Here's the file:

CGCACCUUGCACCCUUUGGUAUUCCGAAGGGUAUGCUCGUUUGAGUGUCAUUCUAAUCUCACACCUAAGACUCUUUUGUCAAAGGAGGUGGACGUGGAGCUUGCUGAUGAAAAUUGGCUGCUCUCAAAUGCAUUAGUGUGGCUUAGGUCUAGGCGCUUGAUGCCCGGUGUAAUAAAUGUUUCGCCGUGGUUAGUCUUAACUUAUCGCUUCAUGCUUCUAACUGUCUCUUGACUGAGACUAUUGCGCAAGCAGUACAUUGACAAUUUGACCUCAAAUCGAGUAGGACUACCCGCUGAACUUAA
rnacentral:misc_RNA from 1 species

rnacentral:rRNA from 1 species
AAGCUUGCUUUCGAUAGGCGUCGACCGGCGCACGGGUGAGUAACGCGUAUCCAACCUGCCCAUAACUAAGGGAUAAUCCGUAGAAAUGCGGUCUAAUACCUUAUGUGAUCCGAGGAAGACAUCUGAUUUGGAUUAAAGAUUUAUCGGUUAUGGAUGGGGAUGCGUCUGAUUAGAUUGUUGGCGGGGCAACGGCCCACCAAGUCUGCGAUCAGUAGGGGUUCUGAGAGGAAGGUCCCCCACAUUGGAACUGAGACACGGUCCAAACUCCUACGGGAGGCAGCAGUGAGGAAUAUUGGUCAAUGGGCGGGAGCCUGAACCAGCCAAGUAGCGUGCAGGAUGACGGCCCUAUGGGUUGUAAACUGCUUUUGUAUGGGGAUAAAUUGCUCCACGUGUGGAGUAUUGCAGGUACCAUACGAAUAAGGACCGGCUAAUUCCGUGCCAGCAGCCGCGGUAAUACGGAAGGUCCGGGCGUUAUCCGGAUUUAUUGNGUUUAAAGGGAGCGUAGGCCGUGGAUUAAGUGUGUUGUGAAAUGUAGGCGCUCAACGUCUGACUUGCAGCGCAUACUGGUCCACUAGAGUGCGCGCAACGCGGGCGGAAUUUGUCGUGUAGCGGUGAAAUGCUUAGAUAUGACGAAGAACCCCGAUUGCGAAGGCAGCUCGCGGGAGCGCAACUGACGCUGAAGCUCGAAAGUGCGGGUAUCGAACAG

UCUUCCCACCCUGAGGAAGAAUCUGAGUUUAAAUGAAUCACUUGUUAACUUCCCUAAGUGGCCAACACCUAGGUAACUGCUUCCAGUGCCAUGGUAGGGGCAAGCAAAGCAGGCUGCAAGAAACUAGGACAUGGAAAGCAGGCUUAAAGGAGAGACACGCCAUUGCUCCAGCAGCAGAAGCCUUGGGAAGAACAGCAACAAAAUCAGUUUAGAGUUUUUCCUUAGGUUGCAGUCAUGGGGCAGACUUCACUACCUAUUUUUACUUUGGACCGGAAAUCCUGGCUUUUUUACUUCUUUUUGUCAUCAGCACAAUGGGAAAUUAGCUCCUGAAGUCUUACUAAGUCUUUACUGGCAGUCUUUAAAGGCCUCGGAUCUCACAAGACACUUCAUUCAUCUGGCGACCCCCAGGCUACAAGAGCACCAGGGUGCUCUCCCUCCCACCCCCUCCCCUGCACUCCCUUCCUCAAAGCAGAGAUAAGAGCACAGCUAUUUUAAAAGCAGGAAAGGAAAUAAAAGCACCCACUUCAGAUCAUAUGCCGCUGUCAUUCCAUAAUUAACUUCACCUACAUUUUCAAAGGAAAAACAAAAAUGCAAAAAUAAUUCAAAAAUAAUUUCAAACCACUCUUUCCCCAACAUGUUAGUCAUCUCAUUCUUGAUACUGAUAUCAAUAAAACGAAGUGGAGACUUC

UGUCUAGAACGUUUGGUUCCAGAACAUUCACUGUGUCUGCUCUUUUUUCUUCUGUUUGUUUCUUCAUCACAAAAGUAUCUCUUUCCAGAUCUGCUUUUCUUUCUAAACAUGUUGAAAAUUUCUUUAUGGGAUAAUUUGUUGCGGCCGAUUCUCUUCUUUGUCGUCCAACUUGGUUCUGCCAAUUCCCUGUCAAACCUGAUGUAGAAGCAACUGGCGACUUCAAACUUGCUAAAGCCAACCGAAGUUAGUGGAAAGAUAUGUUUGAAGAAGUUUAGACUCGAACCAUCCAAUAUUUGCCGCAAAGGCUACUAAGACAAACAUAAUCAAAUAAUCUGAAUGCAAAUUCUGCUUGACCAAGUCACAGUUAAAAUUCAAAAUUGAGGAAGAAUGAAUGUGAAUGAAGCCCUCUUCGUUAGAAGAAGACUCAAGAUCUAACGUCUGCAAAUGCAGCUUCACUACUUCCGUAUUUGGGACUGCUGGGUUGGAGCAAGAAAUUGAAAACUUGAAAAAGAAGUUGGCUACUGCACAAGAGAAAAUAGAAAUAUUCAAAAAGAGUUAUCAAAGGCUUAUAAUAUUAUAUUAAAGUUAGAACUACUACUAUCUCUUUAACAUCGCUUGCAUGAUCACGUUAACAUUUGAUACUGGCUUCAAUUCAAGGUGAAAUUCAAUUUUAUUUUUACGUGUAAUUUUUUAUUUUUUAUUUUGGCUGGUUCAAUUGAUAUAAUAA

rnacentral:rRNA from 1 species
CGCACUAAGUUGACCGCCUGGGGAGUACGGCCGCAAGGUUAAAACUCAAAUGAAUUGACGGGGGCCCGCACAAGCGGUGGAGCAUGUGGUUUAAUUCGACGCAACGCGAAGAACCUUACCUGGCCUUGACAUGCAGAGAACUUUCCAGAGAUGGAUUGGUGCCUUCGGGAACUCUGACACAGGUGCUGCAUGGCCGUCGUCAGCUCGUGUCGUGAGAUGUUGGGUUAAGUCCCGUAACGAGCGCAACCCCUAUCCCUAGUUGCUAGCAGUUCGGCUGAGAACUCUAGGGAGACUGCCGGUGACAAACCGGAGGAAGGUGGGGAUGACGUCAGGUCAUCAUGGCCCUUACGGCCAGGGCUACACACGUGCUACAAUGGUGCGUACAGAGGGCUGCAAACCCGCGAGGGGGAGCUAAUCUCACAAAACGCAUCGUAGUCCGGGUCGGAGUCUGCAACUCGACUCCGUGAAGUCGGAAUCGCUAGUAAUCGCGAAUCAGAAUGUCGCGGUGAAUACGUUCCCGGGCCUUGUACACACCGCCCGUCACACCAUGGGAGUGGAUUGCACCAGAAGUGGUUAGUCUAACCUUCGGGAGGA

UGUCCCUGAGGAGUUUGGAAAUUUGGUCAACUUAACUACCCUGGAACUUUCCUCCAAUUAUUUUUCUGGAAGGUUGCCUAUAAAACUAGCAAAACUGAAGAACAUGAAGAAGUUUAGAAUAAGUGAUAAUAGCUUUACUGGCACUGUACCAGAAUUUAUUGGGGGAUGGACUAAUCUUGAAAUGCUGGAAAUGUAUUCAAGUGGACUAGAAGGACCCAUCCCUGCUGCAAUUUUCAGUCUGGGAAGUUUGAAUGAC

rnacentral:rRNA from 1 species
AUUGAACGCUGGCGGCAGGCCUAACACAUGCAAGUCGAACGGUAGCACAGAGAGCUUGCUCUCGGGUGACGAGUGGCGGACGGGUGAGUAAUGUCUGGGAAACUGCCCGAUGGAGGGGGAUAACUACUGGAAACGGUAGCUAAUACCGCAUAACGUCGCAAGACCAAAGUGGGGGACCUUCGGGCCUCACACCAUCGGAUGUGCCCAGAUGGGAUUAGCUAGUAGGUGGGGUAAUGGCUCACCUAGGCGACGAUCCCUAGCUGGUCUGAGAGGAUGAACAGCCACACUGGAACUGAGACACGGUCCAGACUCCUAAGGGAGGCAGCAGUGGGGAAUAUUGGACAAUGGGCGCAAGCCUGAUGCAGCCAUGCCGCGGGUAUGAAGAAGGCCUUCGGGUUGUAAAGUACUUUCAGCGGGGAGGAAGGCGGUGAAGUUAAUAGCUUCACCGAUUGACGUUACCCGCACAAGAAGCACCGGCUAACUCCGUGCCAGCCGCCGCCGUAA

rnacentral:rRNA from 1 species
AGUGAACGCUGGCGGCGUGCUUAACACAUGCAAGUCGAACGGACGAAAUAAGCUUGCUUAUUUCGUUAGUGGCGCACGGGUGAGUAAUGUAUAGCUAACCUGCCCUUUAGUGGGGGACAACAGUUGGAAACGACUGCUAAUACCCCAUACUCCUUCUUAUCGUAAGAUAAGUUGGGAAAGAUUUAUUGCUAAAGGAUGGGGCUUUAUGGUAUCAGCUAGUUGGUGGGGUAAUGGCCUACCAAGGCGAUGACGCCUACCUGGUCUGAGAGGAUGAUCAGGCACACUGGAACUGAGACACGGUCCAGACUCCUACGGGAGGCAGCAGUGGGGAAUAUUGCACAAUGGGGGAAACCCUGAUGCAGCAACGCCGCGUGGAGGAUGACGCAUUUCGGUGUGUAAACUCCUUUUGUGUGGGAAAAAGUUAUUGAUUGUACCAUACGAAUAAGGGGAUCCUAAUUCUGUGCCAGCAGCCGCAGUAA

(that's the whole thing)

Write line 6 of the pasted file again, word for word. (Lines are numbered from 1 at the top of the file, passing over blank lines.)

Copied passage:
UGUCUAGAACGUUUGGUUCCAGAACAUUCACUGUGUCUGCUCUUUUUUCUUCUGUUUGUUUCUUCAUCACAAAAGUAUCUCUUUCCAGAUCUGCUUUUCUUUCUAAACAUGUUGAAAAUUUCUUUAUGGGAUAAUUUGUUGCGGCCGAUUCUCUUCUUUGUCGUCCAACUUGGUUCUGCCAAUUCCCUGUCAAACCUGAUGUAGAAGCAACUGGCGACUUCAAACUUGCUAAAGCCAACCGAAGUUAGUGGAAAGAUAUGUUUGAAGAAGUUUAGACUCGAACCAUCCAAUAUUUGCCGCAAAGGCUACUAAGACAAACAUAAUCAAAUAAUCUGAAUGCAAAUUCUGCUUGACCAAGUCACAGUUAAAAUUCAAAAUUGAGGAAGAAUGAAUGUGAAUGAAGCCCUCUUCGUUAGAAGAAGACUCAAGAUCUAACGUCUGCAAAUGCAGCUUCACUACUUCCGUAUUUGGGACUGCUGGGUUGGAGCAAGAAAUUGAAAACUUGAAAAAGAAGUUGGCUACUGCACAAGAGAAAAUAGAAAUAUUCAAAAAGAGUUAUCAAAGGCUUAUAAUAUUAUAUUAAAGUUAGAACUACUACUAUCUCUUUAACAUCGCUUGCAUGAUCACGUUAACAUUUGAUACUGGCUUCAAUUCAAGGUGAAAUUCAAUUUUAUUUUUACGUGUAAUUUUUUAUUUUUUAUUUUGGCUGGUUCAAUUGAUAUAAUAA